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About us

Our history in the stamp trade began with Robemark Philatelists, a stamp business that was first established in the 1950's.

      Ian & Benje Joseph
Benje Joseph took over the business in 1961 while it was still located in the Old Arcade in downtown Johannesburg. When the Old Arcade was demolished and rebuilt, Robemark moved to new premises in Joubert Street, opposite His Majesty's Theatre. It became well known as the “only coffee shop that sells stamps”.
In 1972, Robemark relocated to the Carlton Centre, which in it’s day was considered as the finest shopping centre in all of Africa. With Benje’s wife Norma and all four children, Lee, Hugh, Ken & Fane becoming involved in the business, Robemark grew rapidly to become the premier philatelic dealership in Southern Africa, if not the whole continent.       Lee, Benje, Ken & Hildi Joseph


By 1980, Robemark employed a staff of 20 enthusiastic people, dealing in all aspects of both the retail & wholesale trade, as well as publishing catalogues and in-house magazines, while developing agencies for some of the finest international philatelic accessories available.


In 1984, Terry Barnes (formerly of Leeds, UK) joined Robemark to help establish an auction division. In 1988 Terry & Ken formed a new business called Filatelic Phriends and relocated to the picturesque coastal village of Hout Bay, near Cape Town.


By embracing technology, their auction catalogues became internationally accessible via the Internet in 1998, which led to approximately 70% of material on offer being exported to customers living abroad.
After more than a decade in rented offices, the need for bigger premises became essential and in May 1999 the company bought a historical house called "Oakburn", close to the heart of Hout Bay's village centre, as its headquarters.

“Oakburn” is a magnificent, Cape-Dutch style house, with ornate “holbol” gables dated 1847, high wooden beamed ceilings and shuttered windows, all in an attractive garden setting.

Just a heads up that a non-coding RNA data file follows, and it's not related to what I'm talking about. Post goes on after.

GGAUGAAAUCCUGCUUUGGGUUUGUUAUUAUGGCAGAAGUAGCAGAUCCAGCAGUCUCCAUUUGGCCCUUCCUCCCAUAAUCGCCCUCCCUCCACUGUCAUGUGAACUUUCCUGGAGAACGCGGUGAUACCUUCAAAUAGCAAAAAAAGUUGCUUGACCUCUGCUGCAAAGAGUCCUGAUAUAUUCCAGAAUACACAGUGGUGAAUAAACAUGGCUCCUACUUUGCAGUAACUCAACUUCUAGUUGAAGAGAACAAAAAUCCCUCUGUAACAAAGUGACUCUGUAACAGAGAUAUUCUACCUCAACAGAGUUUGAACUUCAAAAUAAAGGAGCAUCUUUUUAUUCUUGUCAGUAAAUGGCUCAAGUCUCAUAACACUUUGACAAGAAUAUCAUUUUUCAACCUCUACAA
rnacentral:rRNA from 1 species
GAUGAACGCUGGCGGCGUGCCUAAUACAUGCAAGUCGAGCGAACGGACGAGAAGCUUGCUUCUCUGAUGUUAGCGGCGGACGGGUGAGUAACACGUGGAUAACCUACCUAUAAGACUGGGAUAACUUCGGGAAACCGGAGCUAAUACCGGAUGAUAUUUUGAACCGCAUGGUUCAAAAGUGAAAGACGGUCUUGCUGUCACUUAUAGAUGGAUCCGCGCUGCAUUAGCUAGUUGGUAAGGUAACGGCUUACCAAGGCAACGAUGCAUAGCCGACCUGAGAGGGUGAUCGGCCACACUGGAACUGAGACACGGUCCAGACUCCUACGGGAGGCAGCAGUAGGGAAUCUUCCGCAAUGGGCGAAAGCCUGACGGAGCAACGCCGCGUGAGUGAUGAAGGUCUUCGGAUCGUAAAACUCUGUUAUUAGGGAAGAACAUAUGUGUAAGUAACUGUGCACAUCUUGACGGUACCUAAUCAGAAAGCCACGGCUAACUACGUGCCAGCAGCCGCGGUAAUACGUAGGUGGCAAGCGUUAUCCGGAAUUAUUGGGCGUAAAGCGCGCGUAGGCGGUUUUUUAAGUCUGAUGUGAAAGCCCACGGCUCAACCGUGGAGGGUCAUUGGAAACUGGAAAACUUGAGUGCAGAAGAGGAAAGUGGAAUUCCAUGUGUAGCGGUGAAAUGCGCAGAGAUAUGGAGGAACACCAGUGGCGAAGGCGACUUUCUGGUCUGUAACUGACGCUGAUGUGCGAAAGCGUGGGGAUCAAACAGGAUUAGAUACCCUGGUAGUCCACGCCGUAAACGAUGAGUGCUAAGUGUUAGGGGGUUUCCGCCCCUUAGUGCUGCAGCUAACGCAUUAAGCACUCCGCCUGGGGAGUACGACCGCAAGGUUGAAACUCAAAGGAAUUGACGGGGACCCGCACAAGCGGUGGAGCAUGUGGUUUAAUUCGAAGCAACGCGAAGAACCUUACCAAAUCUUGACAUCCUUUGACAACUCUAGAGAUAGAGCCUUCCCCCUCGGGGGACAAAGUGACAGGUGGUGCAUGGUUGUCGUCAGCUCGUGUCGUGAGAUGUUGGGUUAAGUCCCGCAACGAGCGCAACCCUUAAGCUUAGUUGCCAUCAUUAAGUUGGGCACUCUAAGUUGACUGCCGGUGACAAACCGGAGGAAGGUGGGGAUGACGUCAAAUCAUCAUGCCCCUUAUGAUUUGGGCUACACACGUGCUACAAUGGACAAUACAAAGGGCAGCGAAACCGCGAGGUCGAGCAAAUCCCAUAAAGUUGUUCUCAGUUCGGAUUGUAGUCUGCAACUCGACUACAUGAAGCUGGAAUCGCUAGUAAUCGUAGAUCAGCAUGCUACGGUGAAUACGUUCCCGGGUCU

Situated on the first farming land in South Africa, which was granted by the VOC to Hout Bay Freeburgers in 1681, “Oakburn” was initially part of the renowned "Kronendal” Farm. The original structure was erected much earlier than 1847 and was probably a labourer’s cottage at first. The original clay walls and attached exterior chimney are incorporated into the current structure and are still identifiable. The farm manager was subsequently housed in the much-enlarged homestead, before the farm was sub-divided.

The building adopted the name "Oakburn", after the British steel cargo steamer of 3865 tons, which was built in 1904 by Russell & Co in the Port of Glasgow. The "Oakburn" came to grief in the mist on 21st May 1906 off Duiker Point near Sandy Bay, while on a voyage from New York to Sydney, carrying a cargo including railway lines and equipment, glassware, sewing machines, musical instruments, oil and paper. Only 2 lives were lost and the surviving crew was billeted here. Some of the wooden beams salvaged from the wreck were used in subsequent renovations and additions to the building.
Ken Hugh Bernadette
In 2000 Terry Barnes passed away and shortly thereafter Hugh rejoined the company, which was then renamed Philatelic Friends. Between them, Ken & Hugh have more than 45 years experience in the stamp trade. They are ably assisted by Bernadette Rodrigues, who has been with the company since 1995.
This exciting new website heralds the beginning of a new chapter of our passion for the wonderful world of philately.

We hope to be of service to you all, both now and for many years to come.


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